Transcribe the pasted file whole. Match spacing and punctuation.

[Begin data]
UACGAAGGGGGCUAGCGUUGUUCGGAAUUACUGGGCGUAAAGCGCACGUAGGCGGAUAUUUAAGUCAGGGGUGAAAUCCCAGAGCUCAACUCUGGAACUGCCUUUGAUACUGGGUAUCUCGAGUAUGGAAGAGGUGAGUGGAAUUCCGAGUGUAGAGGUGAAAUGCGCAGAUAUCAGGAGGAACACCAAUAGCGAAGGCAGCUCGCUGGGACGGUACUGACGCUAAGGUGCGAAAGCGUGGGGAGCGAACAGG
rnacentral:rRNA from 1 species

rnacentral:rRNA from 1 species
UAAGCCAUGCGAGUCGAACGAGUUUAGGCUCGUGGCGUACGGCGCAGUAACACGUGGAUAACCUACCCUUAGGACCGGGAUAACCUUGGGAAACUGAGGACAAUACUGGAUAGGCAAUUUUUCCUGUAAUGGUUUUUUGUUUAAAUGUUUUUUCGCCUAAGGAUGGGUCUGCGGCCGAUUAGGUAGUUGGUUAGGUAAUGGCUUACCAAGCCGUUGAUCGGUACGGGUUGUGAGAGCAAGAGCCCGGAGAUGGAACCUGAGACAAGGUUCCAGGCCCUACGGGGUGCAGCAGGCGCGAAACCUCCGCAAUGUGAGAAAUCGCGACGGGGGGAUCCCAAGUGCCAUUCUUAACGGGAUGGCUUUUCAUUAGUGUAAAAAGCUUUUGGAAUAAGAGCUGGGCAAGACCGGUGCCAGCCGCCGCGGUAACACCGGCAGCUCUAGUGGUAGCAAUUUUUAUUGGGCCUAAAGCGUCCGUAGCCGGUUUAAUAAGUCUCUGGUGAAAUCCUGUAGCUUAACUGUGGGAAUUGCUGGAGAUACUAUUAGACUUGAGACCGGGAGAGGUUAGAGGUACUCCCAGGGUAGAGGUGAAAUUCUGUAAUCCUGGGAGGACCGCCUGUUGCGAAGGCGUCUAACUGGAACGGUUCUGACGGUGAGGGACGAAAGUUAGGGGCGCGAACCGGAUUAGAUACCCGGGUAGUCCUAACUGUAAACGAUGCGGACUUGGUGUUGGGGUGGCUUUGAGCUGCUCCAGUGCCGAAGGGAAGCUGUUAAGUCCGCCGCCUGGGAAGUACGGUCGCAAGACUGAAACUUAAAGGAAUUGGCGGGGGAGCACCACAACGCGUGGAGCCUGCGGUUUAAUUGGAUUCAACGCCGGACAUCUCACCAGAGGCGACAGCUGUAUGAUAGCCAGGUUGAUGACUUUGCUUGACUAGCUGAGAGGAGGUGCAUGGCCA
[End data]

UACGAAGGGGGCUAGCGUUGUUCGGAAUUACUGGGCGUAAAGCGCACGUAGGCGGAUAUUUAAGUCAGGGGUGAAAUCCCAGAGCUCAACUCUGGAACUGCCUUUGAUACUGGGUAUCUCGAGUAUGGAAGAGGUGAGUGGAAUUCCGAGUGUAGAGGUGAAAUGCGCAGAUAUCAGGAGGAACACCAAUAGCGAAGGCAGCUCGCUGGGACGGUACUGACGCUAAGGUGCGAAAGCGUGGGGAGCGAACAGG
rnacentral:rRNA from 1 species

rnacentral:rRNA from 1 species
UAAGCCAUGCGAGUCGAACGAGUUUAGGCUCGUGGCGUACGGCGCAGUAACACGUGGAUAACCUACCCUUAGGACCGGGAUAACCUUGGGAAACUGAGGACAAUACUGGAUAGGCAAUUUUUCCUGUAAUGGUUUUUUGUUUAAAUGUUUUUUCGCCUAAGGAUGGGUCUGCGGCCGAUUAGGUAGUUGGUUAGGUAAUGGCUUACCAAGCCGUUGAUCGGUACGGGUUGUGAGAGCAAGAGCCCGGAGAUGGAACCUGAGACAAGGUUCCAGGCCCUACGGGGUGCAGCAGGCGCGAAACCUCCGCAAUGUGAGAAAUCGCGACGGGGGGAUCCCAAGUGCCAUUCUUAACGGGAUGGCUUUUCAUUAGUGUAAAAAGCUUUUGGAAUAAGAGCUGGGCAAGACCGGUGCCAGCCGCCGCGGUAACACCGGCAGCUCUAGUGGUAGCAAUUUUUAUUGGGCCUAAAGCGUCCGUAGCCGGUUUAAUAAGUCUCUGGUGAAAUCCUGUAGCUUAACUGUGGGAAUUGCUGGAGAUACUAUUAGACUUGAGACCGGGAGAGGUUAGAGGUACUCCCAGGGUAGAGGUGAAAUUCUGUAAUCCUGGGAGGACCGCCUGUUGCGAAGGCGUCUAACUGGAACGGUUCUGACGGUGAGGGACGAAAGUUAGGGGCGCGAACCGGAUUAGAUACCCGGGUAGUCCUAACUGUAAACGAUGCGGACUUGGUGUUGGGGUGGCUUUGAGCUGCUCCAGUGCCGAAGGGAAGCUGUUAAGUCCGCCGCCUGGGAAGUACGGUCGCAAGACUGAAACUUAAAGGAAUUGGCGGGGGAGCACCACAACGCGUGGAGCCUGCGGUUUAAUUGGAUUCAACGCCGGACAUCUCACCAGAGGCGACAGCUGUAUGAUAGCCAGGUUGAUGACUUUGCUUGACUAGCUGAGAGGAGGUGCAUGGCCA